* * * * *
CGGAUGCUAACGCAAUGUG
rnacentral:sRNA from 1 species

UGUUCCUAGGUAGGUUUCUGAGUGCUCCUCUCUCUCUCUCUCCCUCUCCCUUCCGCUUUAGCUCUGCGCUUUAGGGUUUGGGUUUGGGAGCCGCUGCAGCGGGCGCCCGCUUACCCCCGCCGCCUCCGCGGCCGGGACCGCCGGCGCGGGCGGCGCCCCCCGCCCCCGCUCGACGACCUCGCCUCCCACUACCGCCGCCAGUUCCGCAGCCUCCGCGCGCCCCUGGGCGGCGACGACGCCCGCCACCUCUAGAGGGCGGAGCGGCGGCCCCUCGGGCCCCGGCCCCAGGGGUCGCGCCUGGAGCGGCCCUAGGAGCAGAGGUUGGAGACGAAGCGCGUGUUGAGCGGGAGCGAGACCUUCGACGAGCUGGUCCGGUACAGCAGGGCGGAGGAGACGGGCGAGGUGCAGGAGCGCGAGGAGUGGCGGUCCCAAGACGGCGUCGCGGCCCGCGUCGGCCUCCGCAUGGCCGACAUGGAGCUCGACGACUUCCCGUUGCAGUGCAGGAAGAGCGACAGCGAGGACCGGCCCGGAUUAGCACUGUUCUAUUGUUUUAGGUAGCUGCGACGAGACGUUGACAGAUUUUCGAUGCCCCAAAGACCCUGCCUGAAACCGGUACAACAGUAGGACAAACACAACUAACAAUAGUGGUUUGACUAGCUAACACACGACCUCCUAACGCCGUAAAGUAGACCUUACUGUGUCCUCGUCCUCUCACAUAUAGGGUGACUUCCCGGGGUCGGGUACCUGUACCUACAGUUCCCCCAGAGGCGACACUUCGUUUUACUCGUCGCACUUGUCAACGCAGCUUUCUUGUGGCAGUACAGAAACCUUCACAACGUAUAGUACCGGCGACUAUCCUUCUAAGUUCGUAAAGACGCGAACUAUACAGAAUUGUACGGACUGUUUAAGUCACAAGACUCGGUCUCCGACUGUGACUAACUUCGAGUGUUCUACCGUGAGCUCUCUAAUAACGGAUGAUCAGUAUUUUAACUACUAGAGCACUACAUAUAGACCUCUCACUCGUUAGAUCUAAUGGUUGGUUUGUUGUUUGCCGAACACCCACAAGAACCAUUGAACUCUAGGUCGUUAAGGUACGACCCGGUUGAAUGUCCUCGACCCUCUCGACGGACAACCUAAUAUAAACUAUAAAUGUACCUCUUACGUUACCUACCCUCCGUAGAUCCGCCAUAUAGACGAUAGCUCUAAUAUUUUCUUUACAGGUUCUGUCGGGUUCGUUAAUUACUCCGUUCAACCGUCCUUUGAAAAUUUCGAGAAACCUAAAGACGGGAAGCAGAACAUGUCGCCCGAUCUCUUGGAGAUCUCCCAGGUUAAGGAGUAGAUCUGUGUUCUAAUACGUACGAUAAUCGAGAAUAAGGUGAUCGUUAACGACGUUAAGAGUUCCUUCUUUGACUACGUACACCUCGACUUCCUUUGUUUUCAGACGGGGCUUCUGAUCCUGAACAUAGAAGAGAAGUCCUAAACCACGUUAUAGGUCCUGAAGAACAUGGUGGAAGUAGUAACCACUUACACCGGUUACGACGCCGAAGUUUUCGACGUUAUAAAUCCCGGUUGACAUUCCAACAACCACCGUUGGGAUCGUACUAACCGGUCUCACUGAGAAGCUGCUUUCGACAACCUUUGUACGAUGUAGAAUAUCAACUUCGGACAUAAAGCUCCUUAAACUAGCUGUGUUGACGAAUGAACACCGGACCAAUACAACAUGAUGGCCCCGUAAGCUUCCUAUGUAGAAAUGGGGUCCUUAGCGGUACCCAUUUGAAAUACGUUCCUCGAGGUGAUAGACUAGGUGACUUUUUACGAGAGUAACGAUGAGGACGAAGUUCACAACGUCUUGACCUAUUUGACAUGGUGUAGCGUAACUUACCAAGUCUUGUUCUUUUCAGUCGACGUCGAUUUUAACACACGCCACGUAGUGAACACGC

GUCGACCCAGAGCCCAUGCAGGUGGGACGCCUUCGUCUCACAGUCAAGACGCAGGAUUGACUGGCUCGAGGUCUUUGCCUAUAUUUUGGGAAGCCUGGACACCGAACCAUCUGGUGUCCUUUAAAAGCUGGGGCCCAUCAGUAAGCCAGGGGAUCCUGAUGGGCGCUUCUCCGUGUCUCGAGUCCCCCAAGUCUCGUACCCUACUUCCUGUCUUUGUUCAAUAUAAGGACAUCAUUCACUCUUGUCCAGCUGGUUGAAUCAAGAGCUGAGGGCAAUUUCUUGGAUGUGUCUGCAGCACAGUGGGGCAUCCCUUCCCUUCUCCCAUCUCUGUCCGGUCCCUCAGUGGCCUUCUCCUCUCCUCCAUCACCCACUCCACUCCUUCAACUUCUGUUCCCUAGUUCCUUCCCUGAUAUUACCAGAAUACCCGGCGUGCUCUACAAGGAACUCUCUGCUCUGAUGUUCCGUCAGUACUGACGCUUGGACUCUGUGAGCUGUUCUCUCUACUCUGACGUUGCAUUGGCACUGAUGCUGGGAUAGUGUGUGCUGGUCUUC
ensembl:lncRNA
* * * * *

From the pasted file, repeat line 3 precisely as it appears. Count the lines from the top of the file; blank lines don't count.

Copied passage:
UGUUCCUAGGUAGGUUUCUGAGUGCUCCUCUCUCUCUCUCUCCCUCUCCCUUCCGCUUUAGCUCUGCGCUUUAGGGUUUGGGUUUGGGAGCCGCUGCAGCGGGCGCCCGCUUACCCCCGCCGCCUCCGCGGCCGGGACCGCCGGCGCGGGCGGCGCCCCCCGCCCCCGCUCGACGACCUCGCCUCCCACUACCGCCGCCAGUUCCGCAGCCUCCGCGCGCCCCUGGGCGGCGACGACGCCCGCCACCUCUAGAGGGCGGAGCGGCGGCCCCUCGGGCCCCGGCCCCAGGGGUCGCGCCUGGAGCGGCCCUAGGAGCAGAGGUUGGAGACGAAGCGCGUGUUGAGCGGGAGCGAGACCUUCGACGAGCUGGUCCGGUACAGCAGGGCGGAGGAGACGGGCGAGGUGCAGGAGCGCGAGGAGUGGCGGUCCCAAGACGGCGUCGCGGCCCGCGUCGGCCUCCGCAUGGCCGACAUGGAGCUCGACGACUUCCCGUUGCAGUGCAGGAAGAGCGACAGCGAGGACCGGCCCGGAUUAGCACUGUUCUAUUGUUUUAGGUAGCUGCGACGAGACGUUGACAGAUUUUCGAUGCCCCAAAGACCCUGCCUGAAACCGGUACAACAGUAGGACAAACACAACUAACAAUAGUGGUUUGACUAGCUAACACACGACCUCCUAACGCCGUAAAGUAGACCUUACUGUGUCCUCGUCCUCUCACAUAUAGGGUGACUUCCCGGGGUCGGGUACCUGUACCUACAGUUCCCCCAGAGGCGACACUUCGUUUUACUCGUCGCACUUGUCAACGCAGCUUUCUUGUGGCAGUACAGAAACCUUCACAACGUAUAGUACCGGCGACUAUCCUUCUAAGUUCGUAAAGACGCGAACUAUACAGAAUUGUACGGACUGUUUAAGUCACAAGACUCGGUCUCCGACUGUGACUAACUUCGAGUGUUCUACCGUGAGCUCUCUAAUAACGGAUGAUCAGUAUUUUAACUACUAGAGCACUACAUAUAGACCUCUCACUCGUUAGAUCUAAUGGUUGGUUUGUUGUUUGCCGAACACCCACAAGAACCAUUGAACUCUAGGUCGUUAAGGUACGACCCGGUUGAAUGUCCUCGACCCUCUCGACGGACAACCUAAUAUAAACUAUAAAUGUACCUCUUACGUUACCUACCCUCCGUAGAUCCGCCAUAUAGACGAUAGCUCUAAUAUUUUCUUUACAGGUUCUGUCGGGUUCGUUAAUUACUCCGUUCAACCGUCCUUUGAAAAUUUCGAGAAACCUAAAGACGGGAAGCAGAACAUGUCGCCCGAUCUCUUGGAGAUCUCCCAGGUUAAGGAGUAGAUCUGUGUUCUAAUACGUACGAUAAUCGAGAAUAAGGUGAUCGUUAACGACGUUAAGAGUUCCUUCUUUGACUACGUACACCUCGACUUCCUUUGUUUUCAGACGGGGCUUCUGAUCCUGAACAUAGAAGAGAAGUCCUAAACCACGUUAUAGGUCCUGAAGAACAUGGUGGAAGUAGUAACCACUUACACCGGUUACGACGCCGAAGUUUUCGACGUUAUAAAUCCCGGUUGACAUUCCAACAACCACCGUUGGGAUCGUACUAACCGGUCUCACUGAGAAGCUGCUUUCGACAACCUUUGUACGAUGUAGAAUAUCAACUUCGGACAUAAAGCUCCUUAAACUAGCUGUGUUGACGAAUGAACACCGGACCAAUACAACAUGAUGGCCCCGUAAGCUUCCUAUGUAGAAAUGGGGUCCUUAGCGGUACCCAUUUGAAAUACGUUCCUCGAGGUGAUAGACUAGGUGACUUUUUACGAGAGUAACGAUGAGGACGAAGUUCACAACGUCUUGACCUAUUUGACAUGGUGUAGCGUAACUUACCAAGUCUUGUUCUUUUCAGUCGACGUCGAUUUUAACACACGCCACGUAGUGAACACGC